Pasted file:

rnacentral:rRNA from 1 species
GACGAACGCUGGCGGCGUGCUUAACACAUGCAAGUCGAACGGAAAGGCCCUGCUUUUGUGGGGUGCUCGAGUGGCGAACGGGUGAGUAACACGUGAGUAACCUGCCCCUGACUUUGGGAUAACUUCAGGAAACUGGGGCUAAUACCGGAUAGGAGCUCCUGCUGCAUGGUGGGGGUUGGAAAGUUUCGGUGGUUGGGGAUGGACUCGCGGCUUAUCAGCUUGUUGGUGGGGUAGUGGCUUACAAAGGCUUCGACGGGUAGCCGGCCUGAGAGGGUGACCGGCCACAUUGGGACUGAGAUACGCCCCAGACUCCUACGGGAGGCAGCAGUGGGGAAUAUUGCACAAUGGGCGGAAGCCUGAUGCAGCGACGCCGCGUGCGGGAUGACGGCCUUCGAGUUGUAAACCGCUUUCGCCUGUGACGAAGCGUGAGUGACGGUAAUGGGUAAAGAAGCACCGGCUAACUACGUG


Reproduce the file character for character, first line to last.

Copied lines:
rnacentral:rRNA from 1 species
GACGAACGCUGGCGGCGUGCUUAACACAUGCAAGUCGAACGGAAAGGCCCUGCUUUUGUGGGGUGCUCGAGUGGCGAACGGGUGAGUAACACGUGAGUAACCUGCCCCUGACUUUGGGAUAACUUCAGGAAACUGGGGCUAAUACCGGAUAGGAGCUCCUGCUGCAUGGUGGGGGUUGGAAAGUUUCGGUGGUUGGGGAUGGACUCGCGGCUUAUCAGCUUGUUGGUGGGGUAGUGGCUUACAAAGGCUUCGACGGGUAGCCGGCCUGAGAGGGUGACCGGCCACAUUGGGACUGAGAUACGCCCCAGACUCCUACGGGAGGCAGCAGUGGGGAAUAUUGCACAAUGGGCGGAAGCCUGAUGCAGCGACGCCGCGUGCGGGAUGACGGCCUUCGAGUUGUAAACCGCUUUCGCCUGUGACGAAGCGUGAGUGACGGUAAUGGGUAAAGAAGCACCGGCUAACUACGUG